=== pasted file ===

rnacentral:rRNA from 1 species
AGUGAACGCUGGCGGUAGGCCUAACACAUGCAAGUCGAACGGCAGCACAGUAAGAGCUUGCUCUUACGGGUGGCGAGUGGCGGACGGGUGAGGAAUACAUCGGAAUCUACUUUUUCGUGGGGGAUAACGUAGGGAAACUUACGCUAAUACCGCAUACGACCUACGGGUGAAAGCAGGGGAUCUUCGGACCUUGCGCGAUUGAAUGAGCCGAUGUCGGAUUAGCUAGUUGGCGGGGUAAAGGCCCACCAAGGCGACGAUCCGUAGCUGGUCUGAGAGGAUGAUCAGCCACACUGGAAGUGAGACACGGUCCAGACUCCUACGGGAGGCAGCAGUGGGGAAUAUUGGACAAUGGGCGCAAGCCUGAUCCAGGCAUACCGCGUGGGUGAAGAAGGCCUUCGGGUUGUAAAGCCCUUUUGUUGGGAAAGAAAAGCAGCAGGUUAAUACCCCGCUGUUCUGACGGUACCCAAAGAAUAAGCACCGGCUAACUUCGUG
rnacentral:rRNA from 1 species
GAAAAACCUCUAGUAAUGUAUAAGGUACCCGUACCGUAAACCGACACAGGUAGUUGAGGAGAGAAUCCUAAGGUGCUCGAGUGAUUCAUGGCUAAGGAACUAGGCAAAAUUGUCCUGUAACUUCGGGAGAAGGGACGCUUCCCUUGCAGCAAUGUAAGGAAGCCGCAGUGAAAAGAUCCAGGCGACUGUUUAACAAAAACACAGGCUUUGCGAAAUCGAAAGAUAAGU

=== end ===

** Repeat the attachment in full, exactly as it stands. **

rnacentral:rRNA from 1 species
AGUGAACGCUGGCGGUAGGCCUAACACAUGCAAGUCGAACGGCAGCACAGUAAGAGCUUGCUCUUACGGGUGGCGAGUGGCGGACGGGUGAGGAAUACAUCGGAAUCUACUUUUUCGUGGGGGAUAACGUAGGGAAACUUACGCUAAUACCGCAUACGACCUACGGGUGAAAGCAGGGGAUCUUCGGACCUUGCGCGAUUGAAUGAGCCGAUGUCGGAUUAGCUAGUUGGCGGGGUAAAGGCCCACCAAGGCGACGAUCCGUAGCUGGUCUGAGAGGAUGAUCAGCCACACUGGAAGUGAGACACGGUCCAGACUCCUACGGGAGGCAGCAGUGGGGAAUAUUGGACAAUGGGCGCAAGCCUGAUCCAGGCAUACCGCGUGGGUGAAGAAGGCCUUCGGGUUGUAAAGCCCUUUUGUUGGGAAAGAAAAGCAGCAGGUUAAUACCCCGCUGUUCUGACGGUACCCAAAGAAUAAGCACCGGCUAACUUCGUG
rnacentral:rRNA from 1 species
GAAAAACCUCUAGUAAUGUAUAAGGUACCCGUACCGUAAACCGACACAGGUAGUUGAGGAGAGAAUCCUAAGGUGCUCGAGUGAUUCAUGGCUAAGGAACUAGGCAAAAUUGUCCUGUAACUUCGGGAGAAGGGACGCUUCCCUUGCAGCAAUGUAAGGAAGCCGCAGUGAAAAGAUCCAGGCGACUGUUUAACAAAAACACAGGCUUUGCGAAAUCGAAAGAUAAGU